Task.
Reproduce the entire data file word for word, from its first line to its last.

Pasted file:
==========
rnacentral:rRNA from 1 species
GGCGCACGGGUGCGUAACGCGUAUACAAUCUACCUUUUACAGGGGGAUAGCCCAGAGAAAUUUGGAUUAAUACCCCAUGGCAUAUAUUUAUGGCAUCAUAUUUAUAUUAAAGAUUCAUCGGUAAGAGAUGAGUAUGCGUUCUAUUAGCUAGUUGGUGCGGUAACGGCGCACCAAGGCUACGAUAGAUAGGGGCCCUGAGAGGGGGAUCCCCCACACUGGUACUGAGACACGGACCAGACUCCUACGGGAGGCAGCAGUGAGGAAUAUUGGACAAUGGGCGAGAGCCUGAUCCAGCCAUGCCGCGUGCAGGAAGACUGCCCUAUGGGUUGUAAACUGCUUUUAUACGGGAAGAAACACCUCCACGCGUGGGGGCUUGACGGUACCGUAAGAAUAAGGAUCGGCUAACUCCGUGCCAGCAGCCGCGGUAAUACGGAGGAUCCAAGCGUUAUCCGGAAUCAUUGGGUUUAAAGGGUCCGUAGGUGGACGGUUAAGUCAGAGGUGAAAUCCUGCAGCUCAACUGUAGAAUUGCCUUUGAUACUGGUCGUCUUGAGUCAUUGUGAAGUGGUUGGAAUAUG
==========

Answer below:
rnacentral:rRNA from 1 species
GGCGCACGGGUGCGUAACGCGUAUACAAUCUACCUUUUACAGGGGGAUAGCCCAGAGAAAUUUGGAUUAAUACCCCAUGGCAUAUAUUUAUGGCAUCAUAUUUAUAUUAAAGAUUCAUCGGUAAGAGAUGAGUAUGCGUUCUAUUAGCUAGUUGGUGCGGUAACGGCGCACCAAGGCUACGAUAGAUAGGGGCCCUGAGAGGGGGAUCCCCCACACUGGUACUGAGACACGGACCAGACUCCUACGGGAGGCAGCAGUGAGGAAUAUUGGACAAUGGGCGAGAGCCUGAUCCAGCCAUGCCGCGUGCAGGAAGACUGCCCUAUGGGUUGUAAACUGCUUUUAUACGGGAAGAAACACCUCCACGCGUGGGGGCUUGACGGUACCGUAAGAAUAAGGAUCGGCUAACUCCGUGCCAGCAGCCGCGGUAAUACGGAGGAUCCAAGCGUUAUCCGGAAUCAUUGGGUUUAAAGGGUCCGUAGGUGGACGGUUAAGUCAGAGGUGAAAUCCUGCAGCUCAACUGUAGAAUUGCCUUUGAUACUGGUCGUCUUGAGUCAUUGUGAAGUGGUUGGAAUAUG